“The Book of Mormon,” the musical co-created with “Avenue Q” composer Robert Lopez by the longtime “South Park” masterminds, set an L.A. theater one-week box office record the week of Oct. 22-28 by grossing more than $2.25 million at the Pantages, moving past previous L.A. record-setter “Wicked.”
It’s another memorable moment for a production that has earned $142.3 million on Broadway since its March 2011 debut, including February previews, and won nine Tony Awards including top musical, navigating what might have been controversial territory with aplomb.
“I don’t think anybody would want to see a two-hour-long Mormon-bashing, and we wouldn’t want to see that either,” Parker once told NPR. “We love the goofiness of Mormon stories. Some of them are incredulous, and we loved almost all the Mormons that we had ever met. So this was sort of this conundrum that we like to talk about — we think what they believe is really, really ridiculous, and yet they seem like pretty happy people.”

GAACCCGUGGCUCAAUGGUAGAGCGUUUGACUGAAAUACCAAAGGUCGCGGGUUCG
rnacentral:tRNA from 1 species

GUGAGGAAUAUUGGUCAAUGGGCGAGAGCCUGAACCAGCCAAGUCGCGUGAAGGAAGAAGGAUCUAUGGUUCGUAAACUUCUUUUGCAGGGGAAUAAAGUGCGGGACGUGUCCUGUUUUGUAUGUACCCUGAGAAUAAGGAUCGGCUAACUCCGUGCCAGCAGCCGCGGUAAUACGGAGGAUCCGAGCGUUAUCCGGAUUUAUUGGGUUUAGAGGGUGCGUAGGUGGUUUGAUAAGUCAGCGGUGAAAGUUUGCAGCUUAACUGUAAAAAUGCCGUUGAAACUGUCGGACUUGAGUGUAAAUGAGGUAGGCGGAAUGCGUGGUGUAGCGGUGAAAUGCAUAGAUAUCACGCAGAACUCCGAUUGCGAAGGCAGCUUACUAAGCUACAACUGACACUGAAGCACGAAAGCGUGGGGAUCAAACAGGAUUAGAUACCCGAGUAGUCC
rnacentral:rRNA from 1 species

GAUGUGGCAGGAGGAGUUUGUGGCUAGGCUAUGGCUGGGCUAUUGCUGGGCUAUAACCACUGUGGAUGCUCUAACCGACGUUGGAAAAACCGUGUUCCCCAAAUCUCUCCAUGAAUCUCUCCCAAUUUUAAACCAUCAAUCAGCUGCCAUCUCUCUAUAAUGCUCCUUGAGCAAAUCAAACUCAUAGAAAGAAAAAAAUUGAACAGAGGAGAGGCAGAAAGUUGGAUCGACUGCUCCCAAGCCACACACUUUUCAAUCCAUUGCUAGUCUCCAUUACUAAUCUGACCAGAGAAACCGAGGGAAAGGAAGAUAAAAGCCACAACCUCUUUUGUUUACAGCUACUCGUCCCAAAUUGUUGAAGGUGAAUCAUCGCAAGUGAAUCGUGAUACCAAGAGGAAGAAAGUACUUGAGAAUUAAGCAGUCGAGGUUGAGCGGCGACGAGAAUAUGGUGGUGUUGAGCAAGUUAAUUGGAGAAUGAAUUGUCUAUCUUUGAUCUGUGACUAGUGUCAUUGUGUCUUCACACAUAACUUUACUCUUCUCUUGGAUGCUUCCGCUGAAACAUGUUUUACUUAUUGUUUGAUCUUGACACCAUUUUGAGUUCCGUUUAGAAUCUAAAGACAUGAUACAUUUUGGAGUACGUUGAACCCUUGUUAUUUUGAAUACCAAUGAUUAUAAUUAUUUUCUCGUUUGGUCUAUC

Hollywood took notice of Stone and Parker, who met in college at Colorado, in 1997 when Comedy Central launched “South Park,” now in its 16th season. The misadventures of the four foul-mouthed grade-schoolers provide audiences with their hilarious yet insightful social commentary on current events, with an equal opportunity approach to offend and ridicule. Along the way, the series has garnered 11 Emmy nomination (four wins), and the 1999 feature film “South Park: Bigger, Longer & Uncut” produced an Academy Award nomination for song with “Blame Canada.”
“Book of Mormon,” however, raised the writers’ stature. After its limited 12-week engagement in L.A., the tour will head to its next stop, San Francisco. In addition to its road tour, “The Book of Mormon” will have a limited season in Chicago at the Bank of America Theater, and a West End production is expected to debut in spring.
The only question left is when Parker and Stone will start working on the film adaptation and who will star in it.
“We want to do a movie of it someday but, right now, we’re just trying to get our head around this version,” Stone told Movieline, half-jokingly adding he thinks Justin Bieber should be cast as Elder Price.
John Schlesinger Award – Quentin Tarantino | Stanley Kubrick Award – Daniel Day-Lewis | British Artist of the Year – Daniel Craig | Charlie Caplin Award – Matt Stone & Trey Parker | Albert R. Broccoli Award – Will Wright
Britannia Awards discovers jolly-good TV home